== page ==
Microsoft Doesn’t Understand the Smartphone – jeepininmidwest
The personal computer was the most popular consumer and business electronic gear for years. No other device has had such success, thanks in large part to its open nature. With the exception of the less successful closed architecture of Apple’s Macintosh, the PC could accept any number of operating systems, from Linux to Windows, and it was easily updateable. During recent times a PC could be used for as long as a decade, maybe longer.
Apparently, the next generation of computing is smartphones. They have been around for less than a decade and are generally replaced every two years, making them an incredible money maker for manufacturers that can keep up with demand.
Although people have talked about the potential for an open smartphone, none of the current crop are truly open. Only Microsoft, which made its fortune on open ideas, has been making noise about creating versions of Windows 10 for the phone that could be ported to various Android phones.
This idea would be great—if it actually worked, and if it improved the user’s phone experience. The problem is, the public has not warmed up to the Windows Phone OS itself. And you have to wonder why.
I admit that I have not played with Windows Phone since the last time I visited a Microsoft store. A clerk briefed me on the newest features, but he did not seemed enthused (I wouldn’t be surprised if he used a different OS himself.)
I had a couple of Lumia phone review units a few years ago, including the luxuriousLumia 800 which failed to boot within a month. Because it was sealed, it was apparently impossible to repair. But nobody at Nokia or Microsoft wanted to discuss it. They just wanted the phone back.
That pretty much summarizes the promotional efforts by Microsoft for these phones and this OS. Thus they are never in the conversation. There are no roadshows, there are no people hounding the media to use the phones. As I’ve discussed for years, even the advertising campaigns, while well-produced, were all counter-productive.
Microsoft needs to find the people who orchestrated the Windows 95 rollout. They can’t all be dead. Now that was a group of marketers who could promote.
So, back to this idea to put Win 10 Phone on the Android platform. This would be easily scuttled by one Google ad as follows:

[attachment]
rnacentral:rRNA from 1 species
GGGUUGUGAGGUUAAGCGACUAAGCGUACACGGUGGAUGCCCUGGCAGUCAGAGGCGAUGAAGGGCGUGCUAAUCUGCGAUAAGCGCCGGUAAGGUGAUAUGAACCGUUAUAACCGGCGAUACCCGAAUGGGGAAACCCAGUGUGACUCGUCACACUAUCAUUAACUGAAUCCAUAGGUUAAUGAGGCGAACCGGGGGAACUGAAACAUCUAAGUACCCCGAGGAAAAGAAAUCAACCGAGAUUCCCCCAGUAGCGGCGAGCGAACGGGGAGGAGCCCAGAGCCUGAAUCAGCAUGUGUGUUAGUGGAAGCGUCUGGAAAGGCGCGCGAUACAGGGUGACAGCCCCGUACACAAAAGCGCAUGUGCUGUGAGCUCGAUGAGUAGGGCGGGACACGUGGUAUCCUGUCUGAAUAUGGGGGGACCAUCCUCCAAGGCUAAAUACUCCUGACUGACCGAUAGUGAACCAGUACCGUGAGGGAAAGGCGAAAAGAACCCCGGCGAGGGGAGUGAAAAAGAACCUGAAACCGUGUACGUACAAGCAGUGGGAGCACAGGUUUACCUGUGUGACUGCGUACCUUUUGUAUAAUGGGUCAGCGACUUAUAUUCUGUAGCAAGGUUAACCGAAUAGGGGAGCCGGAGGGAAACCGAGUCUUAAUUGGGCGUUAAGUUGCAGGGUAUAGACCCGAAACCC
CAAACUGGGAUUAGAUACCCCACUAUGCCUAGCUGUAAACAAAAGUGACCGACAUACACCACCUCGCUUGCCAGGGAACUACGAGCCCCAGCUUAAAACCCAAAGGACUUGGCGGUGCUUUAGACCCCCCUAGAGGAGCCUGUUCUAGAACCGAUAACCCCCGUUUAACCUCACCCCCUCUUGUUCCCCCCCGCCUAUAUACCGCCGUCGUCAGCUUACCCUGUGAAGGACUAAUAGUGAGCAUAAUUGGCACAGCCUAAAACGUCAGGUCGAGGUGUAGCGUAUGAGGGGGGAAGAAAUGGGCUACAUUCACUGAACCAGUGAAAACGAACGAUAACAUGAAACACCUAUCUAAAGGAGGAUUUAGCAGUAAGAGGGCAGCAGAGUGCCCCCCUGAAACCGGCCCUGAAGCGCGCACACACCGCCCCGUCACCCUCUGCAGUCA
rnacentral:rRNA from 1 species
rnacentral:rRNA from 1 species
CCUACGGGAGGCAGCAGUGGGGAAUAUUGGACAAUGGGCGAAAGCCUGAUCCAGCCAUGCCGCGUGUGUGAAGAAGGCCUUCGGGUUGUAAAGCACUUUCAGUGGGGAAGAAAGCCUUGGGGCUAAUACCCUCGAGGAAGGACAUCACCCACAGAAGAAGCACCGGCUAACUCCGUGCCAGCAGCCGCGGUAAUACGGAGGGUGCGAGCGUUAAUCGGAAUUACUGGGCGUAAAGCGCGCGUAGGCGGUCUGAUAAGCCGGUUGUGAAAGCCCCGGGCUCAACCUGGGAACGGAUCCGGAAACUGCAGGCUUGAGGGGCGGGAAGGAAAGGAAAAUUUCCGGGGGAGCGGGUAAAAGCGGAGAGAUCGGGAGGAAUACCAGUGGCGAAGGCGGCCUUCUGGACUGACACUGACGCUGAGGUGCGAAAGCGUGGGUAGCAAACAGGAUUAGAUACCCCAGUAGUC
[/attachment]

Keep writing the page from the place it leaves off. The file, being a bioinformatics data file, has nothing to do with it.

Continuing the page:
Scene: Guy outside of office building fiddling with his phone when a friend hurriedly approaches.
Friend: Hey, Bill, I left my phone at work, can I borrow yours?
Bill: Sure, here.
Friend: Hey. What gives? What the heck is this? (sneers)
Bill: (ashamed) Its… Windows Phone 10.
Friend: What? This was a regular Google Android phone. How did you get Windows 10 on it? More importantly, why? Why!? Are you nuts? That’s the stupidest thing I’ve ever heard.
Bill: Yes, I downloaded it. In hindsight that was an idiotic idea.
Friend: You are screwed now.
Bill: Yes. Yes I am. How could I be so stupid?
Seriously, what would it take to scuttle the entire concept?
When the PC industry began in the mid 1970s, there were a lot of proprietary platforms. All fell by the wayside when the IBM PC came along, followed by the universe of clone systems, all open. This transition happened quickly, but was well established before the PC, with the S-100 bus, became the de facto standard.
Nothing like this happened with the smartphone. This is because the mobile phone was previously established and never stemmed from a hobbyist movement like the PC. Few people ever tried to hack mobile phones; there was always fear that the handset would “brick.”
Most of the great industries from auto-making to broadcasting to computers had their roots in experimentation by small-timers developing something they thought was cool. The mobile phone was a commercial entity from the start and became more so with the smartphone. Sure there are stupid apps you can design and (maybe, if Apple or Google says it is okay) you can sell them through their system for 99 cents. It is nothing like computers and never will be. Microsoft does not seem to understand this.
[ Source :- Pcmag ]